פרשת ויגש, תש״פ
Parshat Vayigash, 5780
by Rabbi Sydni
Saturday, January 4th, 2020
You Can Cry In Shul
A disciple asked Rebbe Menahem Mendel of Kotsk about a verse of Torah. “The V’ahavta reads: Place these words, these mitzvot, upon your heart. Why does Torah tell us to ‘set them upon your heart, on top of your heart? Why does it not tell us to place these holy words in our hearts?”
The Rebbe answered, “It is because when we are born, our hearts are closed, and we cannot place holy words inside them. So we place them upon - on top of - our hearts. And there they stay until one day, our hearts break, and the words fall in.
Big girls may not cry, but Biblical men certainly do. When Joseph’s brothers frame his death, their father Jacob refuses to be consoled and cries for his son. When Joseph reveals his true identity to his brothers in Parashat Vayigash, he cries so loudly that all of Egypt can hear. Joseph cries yet again on his youngest brother Benjamin’s shoulders, and again when he reunites with his father Jacob for the first time in decades. Every week in this room, we read the stories of these characters racked with emotion, characters from which we are supposed to learn. Our sanctuary space is not free from stories of tears, and so, it cannot be a place free of real life tears, real life emotions.
In the viewpoint of Rebbe Menahem Mendel of Kotsk, we cannot receive the words of Torah, the lessons taught by the practice of mitzvot, without the experience of a broken heart. Without allowing our hearts to be torn open, what is our motivation for practicing and seeking? How can we know the meaning of the kindness and equanimity we’re commanded to practice, if we haven’t been victims of the opposite? How can we fully be there to visit the ill and mourning, if we haven’t been in a place of the illness or mourning ourselves? As this synagogue space is one in which we gather to learn Torah, it must be one in which we are able to tear our hearts open just a little bit more each time we enter, each time we learn something new.
In this room, you are welcome to bring sadness, guilt, and anger. In this room, we have books full of millenia of poetry to address a wide swath of feelings. We have other congregants and visitors who have experienced that sadness, guilt, and anger and can be sources of comfort or information about how to heal. In this room, you are welcome to feel upset or frustrated with things you learn, opinions you hear, or phrases you read in a siddur. We cannot be confident in what we believe without encountering what we know we cannot accept. In this room, we are human beings who, along with being able to read words on a page and raise our voices in song, can cry and laugh and can acknowledge that others here have emotional needs as well. If you ever feel like crying in this room, you will be embodying the Biblical - you can let it out. Whether it’s a response to an experience in this room or just a release from a hard day at work or home, the tissues out here are not just for allergies; they’re here for you to embrace your marvelous humanity.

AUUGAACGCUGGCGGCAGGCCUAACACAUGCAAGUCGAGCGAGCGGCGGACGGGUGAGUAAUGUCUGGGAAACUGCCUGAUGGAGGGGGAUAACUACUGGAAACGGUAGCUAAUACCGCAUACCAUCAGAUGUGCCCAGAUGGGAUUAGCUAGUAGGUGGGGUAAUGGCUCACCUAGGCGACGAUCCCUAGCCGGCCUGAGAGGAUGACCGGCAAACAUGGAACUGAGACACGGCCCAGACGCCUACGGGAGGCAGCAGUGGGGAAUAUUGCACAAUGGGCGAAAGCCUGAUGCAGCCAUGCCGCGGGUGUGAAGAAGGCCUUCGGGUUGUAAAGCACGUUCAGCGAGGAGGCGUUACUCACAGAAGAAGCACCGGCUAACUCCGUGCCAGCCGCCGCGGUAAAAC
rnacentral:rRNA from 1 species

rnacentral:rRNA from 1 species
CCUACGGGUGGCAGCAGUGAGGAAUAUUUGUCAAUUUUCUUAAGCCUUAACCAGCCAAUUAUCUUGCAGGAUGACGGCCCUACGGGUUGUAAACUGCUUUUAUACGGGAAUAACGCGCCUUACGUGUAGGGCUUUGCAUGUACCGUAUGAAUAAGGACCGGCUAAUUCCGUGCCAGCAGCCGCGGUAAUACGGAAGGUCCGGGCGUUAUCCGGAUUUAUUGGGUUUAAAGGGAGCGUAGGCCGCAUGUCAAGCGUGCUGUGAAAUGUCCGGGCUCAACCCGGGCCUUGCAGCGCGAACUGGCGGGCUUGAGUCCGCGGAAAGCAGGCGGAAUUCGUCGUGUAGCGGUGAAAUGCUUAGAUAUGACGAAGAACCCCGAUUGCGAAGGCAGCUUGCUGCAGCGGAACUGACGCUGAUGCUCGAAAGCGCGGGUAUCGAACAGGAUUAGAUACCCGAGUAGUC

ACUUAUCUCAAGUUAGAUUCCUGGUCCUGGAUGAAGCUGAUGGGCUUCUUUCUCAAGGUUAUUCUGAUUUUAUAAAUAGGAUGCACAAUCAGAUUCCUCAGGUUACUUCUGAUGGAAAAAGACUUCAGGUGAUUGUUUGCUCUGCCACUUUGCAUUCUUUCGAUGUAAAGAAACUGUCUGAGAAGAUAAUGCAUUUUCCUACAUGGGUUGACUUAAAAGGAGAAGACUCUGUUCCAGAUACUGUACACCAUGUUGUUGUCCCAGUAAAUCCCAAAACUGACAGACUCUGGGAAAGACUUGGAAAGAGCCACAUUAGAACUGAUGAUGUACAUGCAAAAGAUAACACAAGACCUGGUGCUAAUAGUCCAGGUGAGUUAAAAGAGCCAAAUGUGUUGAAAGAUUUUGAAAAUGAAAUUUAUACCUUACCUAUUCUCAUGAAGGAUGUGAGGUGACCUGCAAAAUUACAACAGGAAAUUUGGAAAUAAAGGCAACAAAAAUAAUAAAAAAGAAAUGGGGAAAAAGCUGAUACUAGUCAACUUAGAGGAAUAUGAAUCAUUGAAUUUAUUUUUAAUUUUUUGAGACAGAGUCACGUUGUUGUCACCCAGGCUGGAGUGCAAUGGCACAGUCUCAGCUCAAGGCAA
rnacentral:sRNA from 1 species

Last week, I mentioned a Talmudic story of a group of three rabbis who would greet each other in their times of physical and spiritual illness and ask, “Is your suffering worthwhile to you?” The answer was inevitably, “Not it, and not its rewards.” A greater message arises than their anti-suffering theology, when Rabbi Yohanan asks Rabbi Elazar what is the matter, listens, and sits down to cry with him. Not only must this center of Jewish learning and worship be a place of personal freedom to break down a little; it must be a place of acceptance of others’ reactions to dismay. It’s not easy to enter into another’s emotional space, and yet, in this building, when we see another who seems troubled, we must take the initiative of Rabbi Yohanan. We ask if we can be of comfort, and if we can, we validate how they’re feeling and sit on the same level with them to hold their hand and cry.
When Jacob and Joseph sob through the end of the book of Genesis, they do so on other’s shoulders. As we are the inheritors of a tradition of these holy men, let us be the big men and women who do cry and make space for others to do the same. Shabbat Shalom.